Lecture: Unveiling homeowners’ behaviour towards energy retrofits: from behavioural and transaction cost perspectives
09 March 2022 16:00 till 17:00 | Add to my calendar
Lecture by Queena Qian, Associate Professor at the Faculty of Architecture and the Built Environment and her PhD Shima Ebrahimigharehbaghi
Hosted by the Urban Energy Institute
Date: 9 March
Time: 4-5pm CET
Moderator: Henk Visscher
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The residential sector can contribute substantially to mitigating GHG emissions through large scale energy retrofits. Despite the significant energy saving potential, the retrofit rate in the residential sector in the Netherlands remains very low. Among different sectors, the Dutch owner-occupied housing sector accounted for 57% of the residential stock in 2020. In this subsector, homeowners are entirely responsible for carrying out the energy retrofits. Moreover, the energy retrofit processes are complex and homeowners face issues, such as, finding financial support, reliable information and contractors. The complexities in conducting energy retrofits may hinder homeowners from the continuation of the process and their expected benefits. Behavioural aspects and transaction cost (TC) factors are among the main influencing factors in the consumers' decision-making processes. Behavioural factors mainly illustrate a range of personal, contextual, and external factors influencing homeowners' decision-making processes. It includes cognitive awareness and biases, attitudes and beliefs, experience, and skills, homeowners' features, socio-demographics, property characteristics, other people's behaviours. The transaction cost (TC) means any hidden cost that affects the decision-making but is not included in the direct physical costs of renovation services and products. Our research indicates the significant importance of these behavioural factors and TC barriers. The main findings include: (1) the lack of energy retrofits tailored to the needs of a particular group of buildings and households, (2) the need to use the right message and the right messenger of the particular household group to promote energy retrofits, (3) the inadequate implementation of behavioural interventions and nudges to promote energy retrofit, and (4) the lack of integrated financial, informational and technical support, especially for homeowners interested in energy retrofits. The purpose of this presentation is to explain in detail the application of the behavioural insights and transaction cost factors on the energy retrofit decision making and renovation processes and the potential misalignments in the current energy policy.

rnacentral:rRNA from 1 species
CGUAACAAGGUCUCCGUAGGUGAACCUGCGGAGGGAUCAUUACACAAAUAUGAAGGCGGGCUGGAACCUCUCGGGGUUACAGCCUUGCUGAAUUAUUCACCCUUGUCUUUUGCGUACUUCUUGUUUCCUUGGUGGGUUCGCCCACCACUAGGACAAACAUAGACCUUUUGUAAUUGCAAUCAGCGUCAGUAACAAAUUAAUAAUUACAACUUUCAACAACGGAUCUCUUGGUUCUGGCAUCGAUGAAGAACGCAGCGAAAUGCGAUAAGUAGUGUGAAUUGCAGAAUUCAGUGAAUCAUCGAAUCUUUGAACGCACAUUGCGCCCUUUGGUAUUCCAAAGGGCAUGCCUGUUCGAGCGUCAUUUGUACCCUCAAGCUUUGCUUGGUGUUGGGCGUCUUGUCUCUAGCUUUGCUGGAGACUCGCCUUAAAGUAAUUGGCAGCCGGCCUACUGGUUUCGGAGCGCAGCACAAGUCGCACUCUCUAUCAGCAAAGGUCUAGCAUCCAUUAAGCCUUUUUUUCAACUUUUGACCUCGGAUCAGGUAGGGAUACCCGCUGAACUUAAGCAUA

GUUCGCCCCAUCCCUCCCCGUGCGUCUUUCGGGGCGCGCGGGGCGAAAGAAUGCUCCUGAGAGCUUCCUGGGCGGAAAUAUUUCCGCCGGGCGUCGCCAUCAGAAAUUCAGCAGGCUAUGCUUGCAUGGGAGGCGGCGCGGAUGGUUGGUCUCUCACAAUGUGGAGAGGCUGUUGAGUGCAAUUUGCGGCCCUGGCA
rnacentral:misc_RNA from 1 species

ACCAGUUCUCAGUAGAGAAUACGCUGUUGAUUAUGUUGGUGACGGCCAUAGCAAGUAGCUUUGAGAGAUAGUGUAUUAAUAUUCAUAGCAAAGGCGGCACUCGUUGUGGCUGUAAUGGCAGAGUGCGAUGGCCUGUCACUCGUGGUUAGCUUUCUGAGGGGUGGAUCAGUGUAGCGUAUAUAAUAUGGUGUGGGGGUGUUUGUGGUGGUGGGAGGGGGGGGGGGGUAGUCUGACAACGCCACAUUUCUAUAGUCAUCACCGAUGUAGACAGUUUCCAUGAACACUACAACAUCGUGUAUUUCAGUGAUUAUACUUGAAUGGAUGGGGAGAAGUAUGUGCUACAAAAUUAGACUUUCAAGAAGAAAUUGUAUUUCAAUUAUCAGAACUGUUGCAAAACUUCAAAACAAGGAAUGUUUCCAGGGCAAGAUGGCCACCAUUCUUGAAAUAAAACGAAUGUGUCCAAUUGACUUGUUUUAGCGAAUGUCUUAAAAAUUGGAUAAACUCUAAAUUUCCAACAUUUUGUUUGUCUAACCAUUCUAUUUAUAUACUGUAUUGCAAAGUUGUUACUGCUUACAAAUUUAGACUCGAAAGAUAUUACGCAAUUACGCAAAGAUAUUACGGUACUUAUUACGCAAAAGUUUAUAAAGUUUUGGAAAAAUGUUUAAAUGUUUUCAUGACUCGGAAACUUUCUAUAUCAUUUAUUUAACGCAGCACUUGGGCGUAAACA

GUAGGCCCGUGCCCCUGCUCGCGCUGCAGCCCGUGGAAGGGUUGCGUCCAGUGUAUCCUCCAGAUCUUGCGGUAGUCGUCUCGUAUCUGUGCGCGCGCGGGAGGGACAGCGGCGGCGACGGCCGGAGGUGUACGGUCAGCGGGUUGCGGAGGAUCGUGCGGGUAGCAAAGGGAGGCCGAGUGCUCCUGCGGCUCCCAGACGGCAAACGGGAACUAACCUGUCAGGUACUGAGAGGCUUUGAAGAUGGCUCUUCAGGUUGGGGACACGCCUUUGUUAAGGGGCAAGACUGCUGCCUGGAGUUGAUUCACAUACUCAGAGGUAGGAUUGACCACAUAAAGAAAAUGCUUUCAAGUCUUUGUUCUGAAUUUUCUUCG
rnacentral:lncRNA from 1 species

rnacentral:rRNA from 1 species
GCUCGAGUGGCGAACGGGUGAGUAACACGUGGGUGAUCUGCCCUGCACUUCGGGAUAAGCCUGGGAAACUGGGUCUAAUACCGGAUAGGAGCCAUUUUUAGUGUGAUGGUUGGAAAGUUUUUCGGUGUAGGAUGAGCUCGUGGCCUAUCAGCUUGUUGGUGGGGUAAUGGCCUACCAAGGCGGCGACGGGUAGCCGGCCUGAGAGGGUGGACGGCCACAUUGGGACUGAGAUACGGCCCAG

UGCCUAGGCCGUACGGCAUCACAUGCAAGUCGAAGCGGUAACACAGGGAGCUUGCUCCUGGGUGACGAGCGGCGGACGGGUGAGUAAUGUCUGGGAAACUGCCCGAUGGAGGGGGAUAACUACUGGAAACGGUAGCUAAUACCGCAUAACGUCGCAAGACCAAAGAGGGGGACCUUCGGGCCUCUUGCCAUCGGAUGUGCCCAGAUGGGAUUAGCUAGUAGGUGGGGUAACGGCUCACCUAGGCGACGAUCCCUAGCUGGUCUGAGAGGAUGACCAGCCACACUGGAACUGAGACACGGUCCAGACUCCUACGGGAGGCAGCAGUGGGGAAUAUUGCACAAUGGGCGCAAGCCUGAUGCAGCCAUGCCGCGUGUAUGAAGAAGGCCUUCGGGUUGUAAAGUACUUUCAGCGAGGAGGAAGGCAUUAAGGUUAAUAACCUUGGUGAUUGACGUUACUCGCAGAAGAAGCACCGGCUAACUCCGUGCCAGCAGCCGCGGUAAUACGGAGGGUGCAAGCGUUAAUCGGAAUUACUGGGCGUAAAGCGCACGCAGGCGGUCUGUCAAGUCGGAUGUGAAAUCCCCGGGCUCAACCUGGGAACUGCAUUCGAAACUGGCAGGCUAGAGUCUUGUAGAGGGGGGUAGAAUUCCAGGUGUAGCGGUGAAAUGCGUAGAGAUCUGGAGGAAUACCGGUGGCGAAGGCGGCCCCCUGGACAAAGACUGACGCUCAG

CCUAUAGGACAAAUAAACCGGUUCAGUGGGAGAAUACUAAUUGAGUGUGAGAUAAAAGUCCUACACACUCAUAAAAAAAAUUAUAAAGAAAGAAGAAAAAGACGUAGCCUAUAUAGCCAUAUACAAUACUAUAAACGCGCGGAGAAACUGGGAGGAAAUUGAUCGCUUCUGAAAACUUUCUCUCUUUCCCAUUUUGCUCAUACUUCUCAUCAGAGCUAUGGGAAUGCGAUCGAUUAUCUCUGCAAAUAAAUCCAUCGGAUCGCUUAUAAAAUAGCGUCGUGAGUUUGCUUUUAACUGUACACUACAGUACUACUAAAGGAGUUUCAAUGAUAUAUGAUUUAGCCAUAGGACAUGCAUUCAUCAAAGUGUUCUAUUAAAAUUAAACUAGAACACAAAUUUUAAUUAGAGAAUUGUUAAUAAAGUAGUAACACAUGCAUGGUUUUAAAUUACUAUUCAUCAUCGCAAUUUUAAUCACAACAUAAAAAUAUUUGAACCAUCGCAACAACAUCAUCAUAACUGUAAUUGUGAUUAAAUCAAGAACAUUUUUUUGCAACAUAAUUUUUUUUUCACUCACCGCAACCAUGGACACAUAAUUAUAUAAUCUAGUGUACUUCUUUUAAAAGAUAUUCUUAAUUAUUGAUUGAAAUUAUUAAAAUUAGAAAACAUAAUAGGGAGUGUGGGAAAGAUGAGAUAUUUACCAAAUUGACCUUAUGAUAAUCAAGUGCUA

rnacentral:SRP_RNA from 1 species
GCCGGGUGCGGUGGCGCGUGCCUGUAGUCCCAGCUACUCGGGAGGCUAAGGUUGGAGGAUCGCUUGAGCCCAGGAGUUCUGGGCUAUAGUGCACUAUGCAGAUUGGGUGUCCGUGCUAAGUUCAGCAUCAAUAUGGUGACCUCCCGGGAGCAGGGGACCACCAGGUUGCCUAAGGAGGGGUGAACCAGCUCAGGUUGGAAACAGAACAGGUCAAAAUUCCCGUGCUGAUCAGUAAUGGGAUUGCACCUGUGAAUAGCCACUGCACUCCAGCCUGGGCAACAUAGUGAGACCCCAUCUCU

About the Speakers:
Queena K QIAN is an Associate Professor at Department of Management in Built Environment, Faculty of Architecture and the Built Environment, Delft University of Technology. Before this appointment, She was employed as Research Assistant Professor at Building and Real Estate Dept., the Hong Kong Polytechnic University. Her PhD thesis, entitled “Barriers to Promote Building Energy Efficiency- A Transaction Costs Perspective”, which has been awarded the Faculty’s best thesis award at the Hong Kong Polytechnic University in 2012. Her research has received her international awards: e.g., Delft Technology Fellow (2014), Endeavour Australian Cheung Kong Fellow (2013), Australia, and Fulbright recipient (2010) at Lawrence Berkeley National Laboratory at UC Berkeley, USA. During her PhD, she has received invitation from Prof. Douglas North, 1993 Nobel Laureate Economist, for six-month research with him on the application of transaction costs theory into sustainable building research at Washington University in St Louis, the USA in 2010. Her research interests are green building promotion, building energy renovation, urban renewal, age-friendly design, governance and incentive schemes, etc., using behavioural science approach and transaction costs theory. Since 2015, she has been the editor of the Journal of Housing and the Built Environment. Since 2018, she has been the Honorary Fellows at The University of Hong Kong Ronald Coase Centre for Property Rights Research (RCCPRR).
Shima Ebrahimigharehbaghi obtained a Master of Science in Engineering and Policy Analysis at Delft University of Technology. After completing her master’s degree, she was eager to continue her research, and to apply her educational background in economics, especially in the field of sustainability. In 2018, she started her PhD under the supervision of Prof. Dr. ir. H.J. Visscher and Dr. Queena K. Qian. In parallel with her PhD, she worked on other projects related to energy efficiency in the building sector and has the privilege to work under the supervision of Prof. L. Itard, Prof. Marja Elsinga, and Dr. Harry van der Heijden. These projects, IEA EBC Annex 70 – Building Energy Epidemiology and Housing 4.0 Energy projects, later led to publications in various journals.
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